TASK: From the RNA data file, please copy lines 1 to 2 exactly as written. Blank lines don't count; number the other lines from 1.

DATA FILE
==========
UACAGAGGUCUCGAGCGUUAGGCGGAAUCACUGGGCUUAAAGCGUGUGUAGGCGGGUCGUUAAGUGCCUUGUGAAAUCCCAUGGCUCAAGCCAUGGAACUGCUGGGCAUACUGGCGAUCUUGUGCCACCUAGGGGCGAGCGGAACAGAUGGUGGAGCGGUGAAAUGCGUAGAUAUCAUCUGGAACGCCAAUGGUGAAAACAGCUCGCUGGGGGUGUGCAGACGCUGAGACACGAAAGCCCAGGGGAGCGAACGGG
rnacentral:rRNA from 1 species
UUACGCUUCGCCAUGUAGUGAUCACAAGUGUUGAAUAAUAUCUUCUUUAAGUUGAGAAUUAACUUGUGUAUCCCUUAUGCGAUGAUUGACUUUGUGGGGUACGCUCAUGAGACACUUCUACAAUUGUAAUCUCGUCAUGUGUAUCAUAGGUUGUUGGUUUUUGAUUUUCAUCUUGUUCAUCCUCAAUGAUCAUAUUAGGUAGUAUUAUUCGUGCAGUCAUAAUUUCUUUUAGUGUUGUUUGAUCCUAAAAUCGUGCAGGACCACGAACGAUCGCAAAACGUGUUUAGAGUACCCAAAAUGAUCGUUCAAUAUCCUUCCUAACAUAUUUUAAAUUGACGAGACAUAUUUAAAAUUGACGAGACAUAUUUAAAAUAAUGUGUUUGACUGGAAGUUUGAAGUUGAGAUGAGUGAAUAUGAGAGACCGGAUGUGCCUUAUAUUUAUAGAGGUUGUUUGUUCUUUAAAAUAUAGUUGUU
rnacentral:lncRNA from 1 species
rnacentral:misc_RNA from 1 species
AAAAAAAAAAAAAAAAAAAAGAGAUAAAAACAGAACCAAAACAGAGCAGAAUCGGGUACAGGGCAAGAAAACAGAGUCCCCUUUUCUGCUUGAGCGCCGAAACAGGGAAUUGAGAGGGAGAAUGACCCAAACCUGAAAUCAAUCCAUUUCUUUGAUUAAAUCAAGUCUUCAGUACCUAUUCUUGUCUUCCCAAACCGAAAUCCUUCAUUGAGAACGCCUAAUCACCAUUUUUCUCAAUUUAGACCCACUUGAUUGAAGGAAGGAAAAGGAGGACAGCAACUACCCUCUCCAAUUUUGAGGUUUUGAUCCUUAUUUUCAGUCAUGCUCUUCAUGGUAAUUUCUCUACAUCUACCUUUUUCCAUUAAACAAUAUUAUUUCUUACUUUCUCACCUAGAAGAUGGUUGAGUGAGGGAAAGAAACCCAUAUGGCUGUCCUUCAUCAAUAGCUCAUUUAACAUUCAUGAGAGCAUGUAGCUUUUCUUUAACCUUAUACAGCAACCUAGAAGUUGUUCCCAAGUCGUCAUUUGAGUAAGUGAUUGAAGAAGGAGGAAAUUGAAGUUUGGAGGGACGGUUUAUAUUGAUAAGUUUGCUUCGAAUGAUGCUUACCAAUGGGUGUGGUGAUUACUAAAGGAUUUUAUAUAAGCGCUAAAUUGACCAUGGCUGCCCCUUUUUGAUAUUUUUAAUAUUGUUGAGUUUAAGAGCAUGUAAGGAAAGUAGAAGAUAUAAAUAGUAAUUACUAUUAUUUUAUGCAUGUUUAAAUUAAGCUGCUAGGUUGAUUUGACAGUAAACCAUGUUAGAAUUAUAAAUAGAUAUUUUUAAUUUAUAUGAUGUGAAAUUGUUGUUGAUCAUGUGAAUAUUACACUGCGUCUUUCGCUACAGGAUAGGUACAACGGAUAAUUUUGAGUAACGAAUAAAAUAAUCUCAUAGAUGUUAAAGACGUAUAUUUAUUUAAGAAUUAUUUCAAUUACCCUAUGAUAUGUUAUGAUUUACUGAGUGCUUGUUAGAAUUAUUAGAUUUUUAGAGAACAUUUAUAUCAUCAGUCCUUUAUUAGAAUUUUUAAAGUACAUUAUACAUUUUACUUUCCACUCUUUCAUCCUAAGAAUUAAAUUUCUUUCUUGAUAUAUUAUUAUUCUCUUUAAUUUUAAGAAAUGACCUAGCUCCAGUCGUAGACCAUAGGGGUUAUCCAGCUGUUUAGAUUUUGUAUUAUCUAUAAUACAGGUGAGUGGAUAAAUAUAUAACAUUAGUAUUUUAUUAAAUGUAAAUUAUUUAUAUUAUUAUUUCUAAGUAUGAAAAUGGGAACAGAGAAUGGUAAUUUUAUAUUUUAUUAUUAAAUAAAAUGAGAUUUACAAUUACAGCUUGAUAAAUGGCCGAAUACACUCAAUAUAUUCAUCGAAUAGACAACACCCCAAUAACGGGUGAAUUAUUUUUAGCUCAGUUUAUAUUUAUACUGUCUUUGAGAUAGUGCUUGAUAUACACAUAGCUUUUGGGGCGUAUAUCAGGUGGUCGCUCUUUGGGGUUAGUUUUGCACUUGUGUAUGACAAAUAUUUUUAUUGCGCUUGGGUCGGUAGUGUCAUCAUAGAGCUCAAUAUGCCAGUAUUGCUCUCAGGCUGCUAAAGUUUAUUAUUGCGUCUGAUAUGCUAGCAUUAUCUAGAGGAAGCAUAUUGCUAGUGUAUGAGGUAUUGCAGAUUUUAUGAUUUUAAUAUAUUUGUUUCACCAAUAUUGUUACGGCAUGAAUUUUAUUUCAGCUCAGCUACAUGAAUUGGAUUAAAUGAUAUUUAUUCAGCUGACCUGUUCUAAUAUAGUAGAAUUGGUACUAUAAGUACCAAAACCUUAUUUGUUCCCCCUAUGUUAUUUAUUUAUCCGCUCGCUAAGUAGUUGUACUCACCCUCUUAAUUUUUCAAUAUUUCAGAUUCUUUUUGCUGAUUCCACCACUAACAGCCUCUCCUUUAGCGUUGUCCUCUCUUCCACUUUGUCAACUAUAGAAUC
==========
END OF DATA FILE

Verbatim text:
UACAGAGGUCUCGAGCGUUAGGCGGAAUCACUGGGCUUAAAGCGUGUGUAGGCGGGUCGUUAAGUGCCUUGUGAAAUCCCAUGGCUCAAGCCAUGGAACUGCUGGGCAUACUGGCGAUCUUGUGCCACCUAGGGGCGAGCGGAACAGAUGGUGGAGCGGUGAAAUGCGUAGAUAUCAUCUGGAACGCCAAUGGUGAAAACAGCUCGCUGGGGGUGUGCAGACGCUGAGACACGAAAGCCCAGGGGAGCGAACGGG
rnacentral:rRNA from 1 species